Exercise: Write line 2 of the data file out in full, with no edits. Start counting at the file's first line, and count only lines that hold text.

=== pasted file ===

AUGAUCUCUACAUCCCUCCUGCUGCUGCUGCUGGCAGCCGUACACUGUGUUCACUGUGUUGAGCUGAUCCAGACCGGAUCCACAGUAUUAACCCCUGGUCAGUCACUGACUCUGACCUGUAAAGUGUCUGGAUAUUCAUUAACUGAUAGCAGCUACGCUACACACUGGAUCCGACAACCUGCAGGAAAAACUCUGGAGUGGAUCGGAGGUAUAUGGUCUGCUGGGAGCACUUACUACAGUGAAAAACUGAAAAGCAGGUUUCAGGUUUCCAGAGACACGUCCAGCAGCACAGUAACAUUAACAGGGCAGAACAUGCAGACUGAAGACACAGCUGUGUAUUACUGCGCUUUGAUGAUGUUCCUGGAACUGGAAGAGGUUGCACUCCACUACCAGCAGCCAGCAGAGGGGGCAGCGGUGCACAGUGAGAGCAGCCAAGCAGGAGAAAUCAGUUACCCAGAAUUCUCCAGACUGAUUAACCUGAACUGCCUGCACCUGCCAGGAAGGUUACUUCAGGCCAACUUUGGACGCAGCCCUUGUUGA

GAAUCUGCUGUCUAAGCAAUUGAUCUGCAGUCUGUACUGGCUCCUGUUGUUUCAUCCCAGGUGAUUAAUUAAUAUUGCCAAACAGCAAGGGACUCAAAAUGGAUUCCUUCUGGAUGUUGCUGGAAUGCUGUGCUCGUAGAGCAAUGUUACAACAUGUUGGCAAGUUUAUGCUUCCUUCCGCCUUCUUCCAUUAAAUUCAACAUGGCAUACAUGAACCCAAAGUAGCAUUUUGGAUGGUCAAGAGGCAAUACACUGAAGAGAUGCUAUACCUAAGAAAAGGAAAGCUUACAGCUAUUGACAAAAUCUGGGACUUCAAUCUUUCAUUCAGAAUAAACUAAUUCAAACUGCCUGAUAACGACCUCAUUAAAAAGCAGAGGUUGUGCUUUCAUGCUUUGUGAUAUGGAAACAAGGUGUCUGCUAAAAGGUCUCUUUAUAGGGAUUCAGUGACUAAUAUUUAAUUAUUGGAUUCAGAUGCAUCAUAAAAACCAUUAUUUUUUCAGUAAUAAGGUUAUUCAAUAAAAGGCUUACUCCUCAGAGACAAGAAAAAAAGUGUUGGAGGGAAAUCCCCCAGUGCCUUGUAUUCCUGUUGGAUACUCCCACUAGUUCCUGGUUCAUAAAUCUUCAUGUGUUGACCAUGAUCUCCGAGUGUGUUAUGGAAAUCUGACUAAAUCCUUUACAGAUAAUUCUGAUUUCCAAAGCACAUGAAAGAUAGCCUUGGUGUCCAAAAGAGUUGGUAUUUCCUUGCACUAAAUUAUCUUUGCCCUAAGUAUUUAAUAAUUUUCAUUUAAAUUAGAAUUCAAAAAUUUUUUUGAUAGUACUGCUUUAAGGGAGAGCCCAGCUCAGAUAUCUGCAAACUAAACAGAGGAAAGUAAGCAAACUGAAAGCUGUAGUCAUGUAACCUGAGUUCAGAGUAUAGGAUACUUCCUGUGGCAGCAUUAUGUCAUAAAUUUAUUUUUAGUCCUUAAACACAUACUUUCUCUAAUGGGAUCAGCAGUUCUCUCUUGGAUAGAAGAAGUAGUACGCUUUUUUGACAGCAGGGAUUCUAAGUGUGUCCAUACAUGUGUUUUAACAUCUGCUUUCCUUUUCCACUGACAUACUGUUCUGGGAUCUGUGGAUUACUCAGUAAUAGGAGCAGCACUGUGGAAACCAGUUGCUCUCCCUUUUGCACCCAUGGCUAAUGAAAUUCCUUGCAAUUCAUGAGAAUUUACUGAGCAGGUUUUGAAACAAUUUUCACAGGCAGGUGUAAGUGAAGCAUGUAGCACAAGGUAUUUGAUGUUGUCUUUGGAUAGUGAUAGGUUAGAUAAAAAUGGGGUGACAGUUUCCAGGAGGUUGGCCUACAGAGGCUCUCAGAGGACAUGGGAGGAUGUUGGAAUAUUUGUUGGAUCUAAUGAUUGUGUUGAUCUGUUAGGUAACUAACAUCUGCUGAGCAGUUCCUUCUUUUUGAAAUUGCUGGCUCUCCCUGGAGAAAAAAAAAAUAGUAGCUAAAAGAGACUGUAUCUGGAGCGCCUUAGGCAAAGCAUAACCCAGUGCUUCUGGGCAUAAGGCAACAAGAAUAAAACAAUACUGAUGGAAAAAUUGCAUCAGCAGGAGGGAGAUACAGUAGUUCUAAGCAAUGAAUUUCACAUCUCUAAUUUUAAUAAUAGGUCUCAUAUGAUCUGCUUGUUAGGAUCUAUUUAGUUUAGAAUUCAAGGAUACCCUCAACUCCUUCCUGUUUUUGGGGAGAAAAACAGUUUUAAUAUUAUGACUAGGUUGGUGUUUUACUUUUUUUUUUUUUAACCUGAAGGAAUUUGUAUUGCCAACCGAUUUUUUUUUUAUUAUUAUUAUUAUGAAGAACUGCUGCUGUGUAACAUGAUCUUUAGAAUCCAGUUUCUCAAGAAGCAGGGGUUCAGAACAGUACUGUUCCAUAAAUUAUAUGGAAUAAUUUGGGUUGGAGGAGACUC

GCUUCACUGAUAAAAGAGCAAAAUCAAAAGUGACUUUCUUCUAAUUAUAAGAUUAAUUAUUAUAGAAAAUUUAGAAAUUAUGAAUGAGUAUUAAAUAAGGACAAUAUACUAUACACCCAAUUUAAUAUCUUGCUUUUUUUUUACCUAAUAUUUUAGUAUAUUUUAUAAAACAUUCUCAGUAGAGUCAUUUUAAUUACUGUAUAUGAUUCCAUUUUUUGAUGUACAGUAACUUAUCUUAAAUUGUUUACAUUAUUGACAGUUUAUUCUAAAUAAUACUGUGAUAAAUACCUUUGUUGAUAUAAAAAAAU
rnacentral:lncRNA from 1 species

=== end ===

GAAUCUGCUGUCUAAGCAAUUGAUCUGCAGUCUGUACUGGCUCCUGUUGUUUCAUCCCAGGUGAUUAAUUAAUAUUGCCAAACAGCAAGGGACUCAAAAUGGAUUCCUUCUGGAUGUUGCUGGAAUGCUGUGCUCGUAGAGCAAUGUUACAACAUGUUGGCAAGUUUAUGCUUCCUUCCGCCUUCUUCCAUUAAAUUCAACAUGGCAUACAUGAACCCAAAGUAGCAUUUUGGAUGGUCAAGAGGCAAUACACUGAAGAGAUGCUAUACCUAAGAAAAGGAAAGCUUACAGCUAUUGACAAAAUCUGGGACUUCAAUCUUUCAUUCAGAAUAAACUAAUUCAAACUGCCUGAUAACGACCUCAUUAAAAAGCAGAGGUUGUGCUUUCAUGCUUUGUGAUAUGGAAACAAGGUGUCUGCUAAAAGGUCUCUUUAUAGGGAUUCAGUGACUAAUAUUUAAUUAUUGGAUUCAGAUGCAUCAUAAAAACCAUUAUUUUUUCAGUAAUAAGGUUAUUCAAUAAAAGGCUUACUCCUCAGAGACAAGAAAAAAAGUGUUGGAGGGAAAUCCCCCAGUGCCUUGUAUUCCUGUUGGAUACUCCCACUAGUUCCUGGUUCAUAAAUCUUCAUGUGUUGACCAUGAUCUCCGAGUGUGUUAUGGAAAUCUGACUAAAUCCUUUACAGAUAAUUCUGAUUUCCAAAGCACAUGAAAGAUAGCCUUGGUGUCCAAAAGAGUUGGUAUUUCCUUGCACUAAAUUAUCUUUGCCCUAAGUAUUUAAUAAUUUUCAUUUAAAUUAGAAUUCAAAAAUUUUUUUGAUAGUACUGCUUUAAGGGAGAGCCCAGCUCAGAUAUCUGCAAACUAAACAGAGGAAAGUAAGCAAACUGAAAGCUGUAGUCAUGUAACCUGAGUUCAGAGUAUAGGAUACUUCCUGUGGCAGCAUUAUGUCAUAAAUUUAUUUUUAGUCCUUAAACACAUACUUUCUCUAAUGGGAUCAGCAGUUCUCUCUUGGAUAGAAGAAGUAGUACGCUUUUUUGACAGCAGGGAUUCUAAGUGUGUCCAUACAUGUGUUUUAACAUCUGCUUUCCUUUUCCACUGACAUACUGUUCUGGGAUCUGUGGAUUACUCAGUAAUAGGAGCAGCACUGUGGAAACCAGUUGCUCUCCCUUUUGCACCCAUGGCUAAUGAAAUUCCUUGCAAUUCAUGAGAAUUUACUGAGCAGGUUUUGAAACAAUUUUCACAGGCAGGUGUAAGUGAAGCAUGUAGCACAAGGUAUUUGAUGUUGUCUUUGGAUAGUGAUAGGUUAGAUAAAAAUGGGGUGACAGUUUCCAGGAGGUUGGCCUACAGAGGCUCUCAGAGGACAUGGGAGGAUGUUGGAAUAUUUGUUGGAUCUAAUGAUUGUGUUGAUCUGUUAGGUAACUAACAUCUGCUGAGCAGUUCCUUCUUUUUGAAAUUGCUGGCUCUCCCUGGAGAAAAAAAAAAUAGUAGCUAAAAGAGACUGUAUCUGGAGCGCCUUAGGCAAAGCAUAACCCAGUGCUUCUGGGCAUAAGGCAACAAGAAUAAAACAAUACUGAUGGAAAAAUUGCAUCAGCAGGAGGGAGAUACAGUAGUUCUAAGCAAUGAAUUUCACAUCUCUAAUUUUAAUAAUAGGUCUCAUAUGAUCUGCUUGUUAGGAUCUAUUUAGUUUAGAAUUCAAGGAUACCCUCAACUCCUUCCUGUUUUUGGGGAGAAAAACAGUUUUAAUAUUAUGACUAGGUUGGUGUUUUACUUUUUUUUUUUUUAACCUGAAGGAAUUUGUAUUGCCAACCGAUUUUUUUUUUAUUAUUAUUAUUAUGAAGAACUGCUGCUGUGUAACAUGAUCUUUAGAAUCCAGUUUCUCAAGAAGCAGGGGUUCAGAACAGUACUGUUCCAUAAAUUAUAUGGAAUAAUUUGGGUUGGAGGAGACUC